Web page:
volunteered for the study. Participants were assigned to groups according to self-
evaluation. Standardized phobia questionnaires (see the following) allowed the
validation of this self-evaluative assignment. Exclusion criteria were depressive
mood states (Beck Depression Inventory/BDI; Hautzinger, Bailer, Wollall, &
Keller, 1994), color blindness (Ishihara’s color plates; Ishihara, 1999), visual
disturbances (e.g., ocular motor paralysis, strabism), and limited visual acuity
(i.e., normal or corrected to normal). The local ethical committee approved the
study. All participants gave written informed consent prior to the examination.
2.2. Spider phobia questionnaires
Theextenttowhich participants suffered fromspider phobiawas assessed with
two questionnaires, the Watts and Sharrock’s Spider Fear Questionnaire (WSQ)
(Watts & Sharrock, 1984) and the Fear of Spiders Questionnaire (FSQ) (Szy-
response. For example, participants are asked whether they are always on the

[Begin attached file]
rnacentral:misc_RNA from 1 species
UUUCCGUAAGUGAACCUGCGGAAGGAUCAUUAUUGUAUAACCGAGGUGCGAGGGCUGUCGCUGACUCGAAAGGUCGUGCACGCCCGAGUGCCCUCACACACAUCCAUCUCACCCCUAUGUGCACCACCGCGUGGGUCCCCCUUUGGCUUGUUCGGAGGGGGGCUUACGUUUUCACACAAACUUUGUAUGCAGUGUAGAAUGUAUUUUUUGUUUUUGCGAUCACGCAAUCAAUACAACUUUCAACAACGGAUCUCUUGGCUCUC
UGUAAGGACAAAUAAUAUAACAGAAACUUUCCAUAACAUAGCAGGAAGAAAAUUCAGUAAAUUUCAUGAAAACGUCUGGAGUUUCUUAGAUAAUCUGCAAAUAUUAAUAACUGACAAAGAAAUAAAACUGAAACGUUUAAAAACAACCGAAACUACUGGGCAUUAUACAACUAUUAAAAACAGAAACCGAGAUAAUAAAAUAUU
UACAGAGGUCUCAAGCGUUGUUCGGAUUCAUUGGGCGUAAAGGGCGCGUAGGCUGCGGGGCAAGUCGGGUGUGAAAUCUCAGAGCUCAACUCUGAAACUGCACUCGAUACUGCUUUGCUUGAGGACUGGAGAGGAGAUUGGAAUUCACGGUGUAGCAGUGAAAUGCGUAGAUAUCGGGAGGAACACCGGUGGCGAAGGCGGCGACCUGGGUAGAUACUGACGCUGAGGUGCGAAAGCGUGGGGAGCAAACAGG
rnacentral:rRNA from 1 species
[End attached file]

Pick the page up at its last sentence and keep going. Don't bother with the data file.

lookout for spiders. With an internal consistency of .78 (Johnsen & Hugdahl,
1990) and a test–retest reliability of .94 (Muris & Merckelbach, 1996), the WSQ
has demonstrated adequate psychometric properties. The FSQ is an 18-item
questionnaire and each item is rated on a seven-point likert-type scale (i.e.,
?3 ¼ strongly disagree, þ3 ¼ strongly agree). For instance, participants have to
rate the following statement: If I came across a spider now, I would leave the
room. With regard to psychometric properties, the FSQ has demonstrated an
internal consistency of .92 (Szymanski & O’Donohue, 1995) and a test–retest
reliability of .91 (Muris & Merckelbach, 1996).
108T. Pflugshaupt et al./Anxiety Disorders 19 (2005) 105–116
Eye movements were recorded using a video-based tracking system (Eye-
LinkTM, SensoMotoric Instruments GmbH, Berlin, Germany). This system
collects eye movement data at a sampling rate of 250 Hz with a spatial resolution